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Chuck Berry – The Great Twenty-Eight

March 21, 2016

chuck berry 28

This is one of the most important LPs in my collection.  Not because it is valuable (it is worth approximately twenty bucks), but because of all the founding fathers of rock and roll, Chuck Berry is my favorite.  The only cool thing I can do on a guitar is the opening riff of “Johnny B. Goode.”

This double LP came out in 1982.  It was a high quality compilation of Chuck’s greatest hits on Chess records from 1955 to 1965 – his best work.

I didn’t get into rock and roll music until I went to college in 1977.  By the time I came across the compilation in 1982, I was a serious student of popular music and well into my obsession of collecting LPs.  I was in the right mental state to truly appreciate the brilliance of Chuck Berry when I bought this compilation.  I was obviously aware of Berry, but with this album I really dug into his music.  I must have played this album a 100 times in the first year I got it.  What was the appeal?

First of all it was so fundamental – so foundational.  These riffs had been copied by the Beatles, the Stones, Dylan, the Beach Boys and on and on – they were already embedded in my consciousness.  The opening riff of “Johnny B. Goode” is rock and roll.

Second where the lyrics – Chuck’s lyrics are deceptively simple – but they are a novel in two and half minutes.  Again they have influenced everyone: Beatles, the Stones, Dylan, the Beach Boys, Springsteen and on and on.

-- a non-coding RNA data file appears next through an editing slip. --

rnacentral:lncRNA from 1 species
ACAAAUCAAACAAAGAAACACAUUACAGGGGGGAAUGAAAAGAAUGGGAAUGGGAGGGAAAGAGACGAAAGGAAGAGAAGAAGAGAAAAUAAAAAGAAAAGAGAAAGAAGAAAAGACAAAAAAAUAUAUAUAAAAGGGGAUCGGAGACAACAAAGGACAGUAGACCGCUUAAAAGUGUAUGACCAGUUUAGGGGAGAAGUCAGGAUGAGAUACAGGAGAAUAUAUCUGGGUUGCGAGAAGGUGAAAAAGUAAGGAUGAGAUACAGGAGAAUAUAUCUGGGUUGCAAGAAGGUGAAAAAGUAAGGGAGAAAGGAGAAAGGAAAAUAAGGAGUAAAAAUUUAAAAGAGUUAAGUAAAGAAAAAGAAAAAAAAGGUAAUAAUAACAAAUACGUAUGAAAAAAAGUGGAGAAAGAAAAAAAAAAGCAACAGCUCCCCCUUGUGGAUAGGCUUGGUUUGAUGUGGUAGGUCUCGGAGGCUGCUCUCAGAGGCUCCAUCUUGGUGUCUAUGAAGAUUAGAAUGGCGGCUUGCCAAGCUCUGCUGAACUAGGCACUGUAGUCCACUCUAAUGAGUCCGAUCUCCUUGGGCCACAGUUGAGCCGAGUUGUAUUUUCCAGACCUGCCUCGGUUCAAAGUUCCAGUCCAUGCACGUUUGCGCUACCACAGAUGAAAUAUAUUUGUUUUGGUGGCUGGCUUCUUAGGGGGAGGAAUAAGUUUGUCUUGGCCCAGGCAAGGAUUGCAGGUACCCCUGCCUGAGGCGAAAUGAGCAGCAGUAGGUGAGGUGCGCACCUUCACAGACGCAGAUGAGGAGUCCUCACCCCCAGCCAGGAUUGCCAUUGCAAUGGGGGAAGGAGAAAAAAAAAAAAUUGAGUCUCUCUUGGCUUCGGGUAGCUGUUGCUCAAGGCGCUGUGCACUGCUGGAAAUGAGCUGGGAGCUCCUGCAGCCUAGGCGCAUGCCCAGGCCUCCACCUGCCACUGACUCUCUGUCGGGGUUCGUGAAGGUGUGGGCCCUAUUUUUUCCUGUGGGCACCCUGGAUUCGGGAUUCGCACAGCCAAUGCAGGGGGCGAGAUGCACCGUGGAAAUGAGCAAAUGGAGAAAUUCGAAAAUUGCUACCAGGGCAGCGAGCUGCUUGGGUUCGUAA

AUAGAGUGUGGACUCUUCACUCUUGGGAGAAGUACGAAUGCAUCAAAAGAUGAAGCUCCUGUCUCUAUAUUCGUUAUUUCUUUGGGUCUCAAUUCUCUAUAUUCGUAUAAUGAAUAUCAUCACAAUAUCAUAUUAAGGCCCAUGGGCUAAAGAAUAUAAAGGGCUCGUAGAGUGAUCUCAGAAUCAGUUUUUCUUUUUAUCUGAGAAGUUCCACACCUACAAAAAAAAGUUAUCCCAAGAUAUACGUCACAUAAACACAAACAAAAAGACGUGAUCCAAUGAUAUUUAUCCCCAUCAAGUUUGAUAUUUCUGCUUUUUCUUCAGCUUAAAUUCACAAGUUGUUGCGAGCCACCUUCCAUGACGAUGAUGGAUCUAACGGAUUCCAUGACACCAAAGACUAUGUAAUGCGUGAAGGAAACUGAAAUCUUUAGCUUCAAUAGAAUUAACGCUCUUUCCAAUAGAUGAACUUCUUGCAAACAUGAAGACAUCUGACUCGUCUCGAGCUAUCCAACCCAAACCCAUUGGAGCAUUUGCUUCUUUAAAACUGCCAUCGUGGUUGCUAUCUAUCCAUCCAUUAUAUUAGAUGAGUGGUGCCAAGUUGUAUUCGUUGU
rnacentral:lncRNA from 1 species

Third is the visuals – if you have ever seen a clip of Chuck performing – it is spellbinding – he is handsome, charismatic and the duck walk may rival the James Brown split as the greatest stage move in pop music (fortunately I was able to see both these moves live before Brown and Berry where over the hill).

And finally it the sheer joy of the sound – it is pure fun. When Chuck went to Chess, he found the perfect place for his genius to blossom – the house session players were some pretty amazing artist in their own right, for example: Willie Dixon and Johnny Johnson.

Introducing yourself to classic artists like Check Berry can be daunting.  There tend to be dozens of greatest hits package – some of which are not very reliable.  This one is reliable and frankly perfect.  Good enough to be ranked number 21 on Rolling Stone magazine’s list of the 500 greatest albums of all time.

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  1. RIP Chuck Berry | Axl's Catch Groove

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